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PM lays wreath at massacre site
David Cameron has laid a wreath at the memorial to the 1919 Amritsar massacre in India, bowing his head and standing in silence to pay respect to those who died.
Writing in the memorial book of condolence, Mr Cameron described the massacre as "a deeply shameful event in British history", adding "we must never forget what happened here".
He is the first serving Prime Minister to visit the Sikh holy city in the north-western state of Punjab, the scene of the most notorious atrocity in Britain's imperial history in India.
Troops under the command of British Brigadier-General Reginald Dyer shot into a crowd of thousands of protesters, including women, children and elderly people, until their ammunition ran out.
An inquiry commissioned by the Raj colonial authorities found that 379 people were killed in the public gardens of Jallianwala Bagh, though this figure has been widely challenged by Indian sources, who put the death toll at 1,000 or more.
The atrocity helped fuel Mahatma Gandhi's struggle for Indian independence and is seen by historians as a crucial turning point on the road to the end of British rule in India.
In 1997, the Queen laid a wreath at the memorial and described the massacre as a "distressing" example of the "moments of sadness" in Anglo-Indian history.
But Mr Cameron's words were far stronger. "This was a deeply shameful event in British history, one that Winston Churchill rightly described at the time as 'monstrous'," he wrote.
"We must never forget what happened here, and in remembering we must ensure that the United Kingdom stands up for the right of peaceful protest around the world."
Mr Cameron made his entry in the book of condolence seated at a table before a memorial plaque which read: "This place is saturated with the blood of those Indian patriots who were martyred in a non-violent struggle to free India from British domination."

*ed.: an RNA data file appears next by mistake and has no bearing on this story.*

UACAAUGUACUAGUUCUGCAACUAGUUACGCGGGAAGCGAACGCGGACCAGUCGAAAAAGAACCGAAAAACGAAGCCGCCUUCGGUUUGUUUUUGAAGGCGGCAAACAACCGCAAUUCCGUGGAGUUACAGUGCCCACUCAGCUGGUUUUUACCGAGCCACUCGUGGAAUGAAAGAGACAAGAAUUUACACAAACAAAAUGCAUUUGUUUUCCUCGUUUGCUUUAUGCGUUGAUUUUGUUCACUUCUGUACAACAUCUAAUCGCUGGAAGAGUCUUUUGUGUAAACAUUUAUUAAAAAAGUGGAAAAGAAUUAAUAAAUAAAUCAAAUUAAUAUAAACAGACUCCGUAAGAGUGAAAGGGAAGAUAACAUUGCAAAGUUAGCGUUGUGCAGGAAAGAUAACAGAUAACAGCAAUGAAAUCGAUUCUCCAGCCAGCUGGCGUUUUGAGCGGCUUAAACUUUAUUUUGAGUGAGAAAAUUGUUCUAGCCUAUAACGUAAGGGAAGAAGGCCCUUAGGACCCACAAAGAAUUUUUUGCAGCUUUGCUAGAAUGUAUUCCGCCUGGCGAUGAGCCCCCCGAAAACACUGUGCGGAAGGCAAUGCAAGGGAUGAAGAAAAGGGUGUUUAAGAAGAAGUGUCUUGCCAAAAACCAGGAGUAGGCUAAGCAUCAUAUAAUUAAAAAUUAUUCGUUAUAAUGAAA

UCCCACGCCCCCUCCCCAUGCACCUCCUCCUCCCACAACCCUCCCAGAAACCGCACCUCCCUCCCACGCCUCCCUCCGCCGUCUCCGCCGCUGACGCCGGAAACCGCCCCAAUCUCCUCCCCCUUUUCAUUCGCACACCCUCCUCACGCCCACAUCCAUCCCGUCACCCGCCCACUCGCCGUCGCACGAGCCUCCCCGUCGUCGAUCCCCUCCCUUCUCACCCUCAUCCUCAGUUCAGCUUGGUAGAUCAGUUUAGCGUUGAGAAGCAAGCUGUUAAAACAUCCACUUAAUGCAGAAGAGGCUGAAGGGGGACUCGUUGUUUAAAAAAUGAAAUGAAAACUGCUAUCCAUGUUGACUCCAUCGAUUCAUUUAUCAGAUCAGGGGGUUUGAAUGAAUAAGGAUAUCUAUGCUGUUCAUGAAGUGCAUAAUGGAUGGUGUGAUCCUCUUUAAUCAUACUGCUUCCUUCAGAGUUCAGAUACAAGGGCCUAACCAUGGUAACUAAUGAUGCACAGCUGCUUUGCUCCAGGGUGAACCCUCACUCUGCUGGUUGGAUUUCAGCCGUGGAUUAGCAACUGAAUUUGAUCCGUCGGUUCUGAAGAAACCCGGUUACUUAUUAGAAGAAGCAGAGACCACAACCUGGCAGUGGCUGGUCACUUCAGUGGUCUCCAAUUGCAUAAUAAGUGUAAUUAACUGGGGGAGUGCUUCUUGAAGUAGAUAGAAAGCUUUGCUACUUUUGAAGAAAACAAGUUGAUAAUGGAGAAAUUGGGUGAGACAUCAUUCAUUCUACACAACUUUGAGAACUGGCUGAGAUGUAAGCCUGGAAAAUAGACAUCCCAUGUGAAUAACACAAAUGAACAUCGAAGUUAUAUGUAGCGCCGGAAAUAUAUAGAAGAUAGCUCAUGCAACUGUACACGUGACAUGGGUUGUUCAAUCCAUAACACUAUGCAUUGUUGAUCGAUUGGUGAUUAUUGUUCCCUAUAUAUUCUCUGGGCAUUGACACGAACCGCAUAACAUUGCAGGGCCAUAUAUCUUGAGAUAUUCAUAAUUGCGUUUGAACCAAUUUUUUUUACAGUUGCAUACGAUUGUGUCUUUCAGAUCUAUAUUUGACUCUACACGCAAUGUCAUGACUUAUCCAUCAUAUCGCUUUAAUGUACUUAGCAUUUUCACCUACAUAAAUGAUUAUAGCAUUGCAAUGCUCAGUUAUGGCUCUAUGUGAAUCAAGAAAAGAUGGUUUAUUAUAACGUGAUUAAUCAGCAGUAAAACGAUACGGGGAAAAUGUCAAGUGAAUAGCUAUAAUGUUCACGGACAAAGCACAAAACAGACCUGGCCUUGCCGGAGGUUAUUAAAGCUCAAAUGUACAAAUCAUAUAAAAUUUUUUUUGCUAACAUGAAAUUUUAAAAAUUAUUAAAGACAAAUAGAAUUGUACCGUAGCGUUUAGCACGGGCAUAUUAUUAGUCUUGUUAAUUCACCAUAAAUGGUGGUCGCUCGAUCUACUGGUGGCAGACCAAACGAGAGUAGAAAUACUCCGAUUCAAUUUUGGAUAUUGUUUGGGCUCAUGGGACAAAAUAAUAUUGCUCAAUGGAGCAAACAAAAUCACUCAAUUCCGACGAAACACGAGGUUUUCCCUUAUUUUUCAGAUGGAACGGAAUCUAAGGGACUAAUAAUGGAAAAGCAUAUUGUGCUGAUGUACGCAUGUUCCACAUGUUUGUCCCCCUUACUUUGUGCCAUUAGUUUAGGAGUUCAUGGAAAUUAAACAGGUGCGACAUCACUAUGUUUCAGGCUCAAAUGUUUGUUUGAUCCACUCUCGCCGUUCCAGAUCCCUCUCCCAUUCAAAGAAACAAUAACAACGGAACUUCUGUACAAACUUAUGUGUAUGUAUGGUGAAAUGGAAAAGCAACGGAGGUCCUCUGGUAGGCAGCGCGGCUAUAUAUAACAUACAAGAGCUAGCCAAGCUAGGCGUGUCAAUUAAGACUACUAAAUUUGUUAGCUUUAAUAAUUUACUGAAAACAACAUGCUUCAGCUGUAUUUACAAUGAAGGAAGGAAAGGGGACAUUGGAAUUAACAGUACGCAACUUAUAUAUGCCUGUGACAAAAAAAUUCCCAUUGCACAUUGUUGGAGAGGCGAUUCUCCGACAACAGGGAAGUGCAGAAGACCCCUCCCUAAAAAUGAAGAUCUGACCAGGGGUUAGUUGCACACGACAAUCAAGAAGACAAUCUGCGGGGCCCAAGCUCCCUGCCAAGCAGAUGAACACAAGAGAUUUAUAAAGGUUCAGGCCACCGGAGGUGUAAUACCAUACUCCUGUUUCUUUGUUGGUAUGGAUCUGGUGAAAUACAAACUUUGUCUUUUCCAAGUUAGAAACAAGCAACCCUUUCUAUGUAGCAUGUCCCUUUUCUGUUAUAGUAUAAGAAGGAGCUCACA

Mr Cameron was shown around the site of the massacre by descendants of some of those who came under fire in 1919. They pointed out walls where bullet holes can still be seen and the Martyrs' Well where many people died after seeking shelter from the volleys of bullets.
The Prime Minister viewed a flame which burns continuously at the memorial in honour of the fallen.
Speaking after the visit, the memorial's secretary Sukumar Mukherjee, whose grandfather survived the shootings, was asked if Mr Cameron's words constituted an apology.
He replied: "He has come here, he has paid his tribute here. It is more than an apology."
But other descendants were not so happy. Sunil Kapoor, whose great-grandfather died, said: "If you feel shameful then why not make an apology?"
Mr Cameron later explained why he decided not to apologise. "In my view, we are dealing with something here that happened a good 40 years before I was born, and we are dealing with something that... the British Government rightly condemned at the time," he said.
"I don't think the right thing is to reach back into history and to seek out things that we should apologise for. I think the right thing to do is to acknowledge what happened, to recall what happened, to show respect and understanding."
Before visiting the massacre site, Mr Cameron toured Amritsar's Golden Temple, the holiest site in the Sikh religion.
Barefoot and wearing a blue bandana head-covering, the Prime Minister visited the kitchens which feed thousands of pilgrims every day and tried his hand at flipping chapatis before entering the historic shrine itself.
He later described the visit as "fascinating and illuminating", adding: "I am proud to be the first British prime minister to visit the Golden Temple and see what an extraordinary place it is - very moving, very serene, very spiritual."
Mr Cameron has previously said that Conservatives need to do more to attract voters from ethnic minorities, including as many as 700,000 Sikhs in the UK, and he made clear that today's visit was intended to demonstrate the respect he feels towards their community.
"In coming here to Amritsar, we should celebrate the immense contribution that people from the Punjab (make) in Britain, the role they play, what they give to our country," the PM said.
"What they contribute to our country is outstanding and it is important to understand that and pay respect to that and to seek a greater understanding of the Sikh religion and that is why this visit to the holy temple, the Golden Temple, was so important."
The visit came at the end of a three-day trip which saw Mr Cameron hold talks with his Indian counterpart Manmohan Singh and lead the largest trade mission ever to travel overseas with a British Prime Minister.
Declaring himself "delighted" with the state of UK-India relations, Mr Cameron said: "It's been a successful visit. There's been really good progress on lots of the economic, trade and commercial ties."
He and Mr Singh had "a very good, detailed, strategic conversation" on a number of foreign policy and security issues, he said.